Buncombe County Commissioners will wait until later this month to vote on a non-discrimination ordinance. It would be the first such county ordinance in Western North Carolina since local governments were allowed to pass them in December 2020.
The law would protect people from discrimination based on long list of identities – gender, sexual orientation, race, religion, pregnancy, veteran status, hair style and more.
It was on the agenda for commissioners to vote on Tuesday. But Commissioner Jasmine Beach-Ferrara explained changes were being made to it, adding a section on housing discrimination, and that the vote would be delayed.
“Since our last discussion at the commissioner level there has been some revisions to the language that I am actually really excited about – I think they strengthen the ordinance and clarify it,” said Beach-Ferrara, who is running for Democratic nomination in the 11th Congressional district.
Similar resolutions have already passed this year in North Carolina like in Mecklenburg County. In December 2020, a bill expired that essentially ended the state’s controversial 2016 HB2, commonly known as the bathroom bill. The Mecklenburg resolution specifically protects members of the LGBTQ community, while the Buncombe resolution is much more broad.
In 2016, Charlotte gave legal protections to the LGBTQ community, which prompted Republican lawmakers in the General Assembly to pass HB2, which nullified Charlotte’s ordinance among its many provisions.
Beach-Ferrara pointed to the Charlotte resolution as example of the long conversation outlined the history of greater protections from discrimination in North Carolina. Those who oppose the resolution say it is being pushed through.
Fewer than ten people called into Tuesday’s virtual meeting to speak against the resolution during public comment. They said that the bill was “unnecessary” and that it placed an undue burden on businesses and churches. Many referred to the resolution as a “SOGI law,” a Sexual Orientation & Gender Identity law, which they believe forces a “belief” in “LGBTQ+ values." This term became popularized after the Bostock v. Clayton County Supreme Court case in 2020 which expanded LGBTQ+ protections.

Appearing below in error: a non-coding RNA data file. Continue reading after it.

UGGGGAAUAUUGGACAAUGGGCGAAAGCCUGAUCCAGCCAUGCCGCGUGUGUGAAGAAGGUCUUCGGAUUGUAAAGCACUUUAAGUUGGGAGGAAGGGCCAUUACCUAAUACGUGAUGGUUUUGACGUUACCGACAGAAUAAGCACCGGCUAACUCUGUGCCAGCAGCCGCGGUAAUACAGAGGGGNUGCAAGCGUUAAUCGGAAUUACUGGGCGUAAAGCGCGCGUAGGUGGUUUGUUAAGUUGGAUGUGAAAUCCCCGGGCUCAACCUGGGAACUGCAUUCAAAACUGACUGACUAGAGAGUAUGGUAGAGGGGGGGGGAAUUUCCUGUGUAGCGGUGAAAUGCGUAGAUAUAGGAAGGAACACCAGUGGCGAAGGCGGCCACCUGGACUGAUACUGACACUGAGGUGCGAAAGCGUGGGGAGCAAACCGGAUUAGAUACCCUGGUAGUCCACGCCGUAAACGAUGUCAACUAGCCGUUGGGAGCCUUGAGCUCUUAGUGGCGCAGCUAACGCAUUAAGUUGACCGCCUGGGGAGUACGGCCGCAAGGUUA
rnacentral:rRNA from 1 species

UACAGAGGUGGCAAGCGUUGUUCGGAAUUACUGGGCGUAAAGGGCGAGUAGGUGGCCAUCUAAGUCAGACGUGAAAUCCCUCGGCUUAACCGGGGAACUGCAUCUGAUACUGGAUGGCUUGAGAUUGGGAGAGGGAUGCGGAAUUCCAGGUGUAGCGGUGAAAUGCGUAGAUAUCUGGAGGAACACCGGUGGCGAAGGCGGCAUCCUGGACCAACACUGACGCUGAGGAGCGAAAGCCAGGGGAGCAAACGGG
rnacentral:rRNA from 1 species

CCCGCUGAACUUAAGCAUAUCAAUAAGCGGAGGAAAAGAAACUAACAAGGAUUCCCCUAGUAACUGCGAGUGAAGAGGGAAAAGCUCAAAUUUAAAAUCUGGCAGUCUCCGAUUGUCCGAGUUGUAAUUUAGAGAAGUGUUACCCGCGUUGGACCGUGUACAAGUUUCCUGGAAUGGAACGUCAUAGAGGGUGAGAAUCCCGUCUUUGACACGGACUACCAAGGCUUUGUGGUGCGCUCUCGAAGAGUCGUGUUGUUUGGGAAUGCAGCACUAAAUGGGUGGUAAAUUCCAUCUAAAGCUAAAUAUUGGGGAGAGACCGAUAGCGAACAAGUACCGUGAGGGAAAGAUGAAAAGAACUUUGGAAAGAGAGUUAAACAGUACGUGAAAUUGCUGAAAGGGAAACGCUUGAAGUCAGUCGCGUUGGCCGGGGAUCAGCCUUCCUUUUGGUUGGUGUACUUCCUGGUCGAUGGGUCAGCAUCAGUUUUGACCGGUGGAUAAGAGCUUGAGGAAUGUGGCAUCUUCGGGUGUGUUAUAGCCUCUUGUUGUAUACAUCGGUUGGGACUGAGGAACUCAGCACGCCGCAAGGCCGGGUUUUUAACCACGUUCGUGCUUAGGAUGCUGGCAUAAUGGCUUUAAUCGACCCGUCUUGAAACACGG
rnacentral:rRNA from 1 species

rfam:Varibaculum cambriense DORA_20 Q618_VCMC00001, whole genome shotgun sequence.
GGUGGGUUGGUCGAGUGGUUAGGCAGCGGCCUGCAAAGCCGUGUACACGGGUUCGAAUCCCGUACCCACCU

One caller, Karen Hoerner, said she was born in Buncombe County and worked in healthcare in the county for many years.
“This is an overreach of a governing body to institute a perceived bias on a community,” said Hoerner.
Tina White, executive director of Blue Ridge Pride, says she still receives questions from LGBTQ folks asking if it is safe to move to Asheville. She points out that the majority of the resolution is about exemptions and protections for employers.
“They’re protected. And now they are working that protecting other people from discrimination is going to hurt them? I can’t think of a better example of privilege,” said White, who worked as a corporate consultant for 35 years.
Showcasing her support of the measure, Beach-Ferrara referenced an Asheville Chamber of Commerce survey of its members. Over 60-percent of respondents said they had ‘no worry at all’ about the ordinance and almost 80 percent said the ordinance wouldn’t affect their business’ private employment or public accommodations. The survey had almost 200 respondents out of over 1,500 recipients of the survey. There were also almost 100 requests for more information from business owners.
The amended resolution is scheduled to be voted on during commissioner’s next meeting April 20th.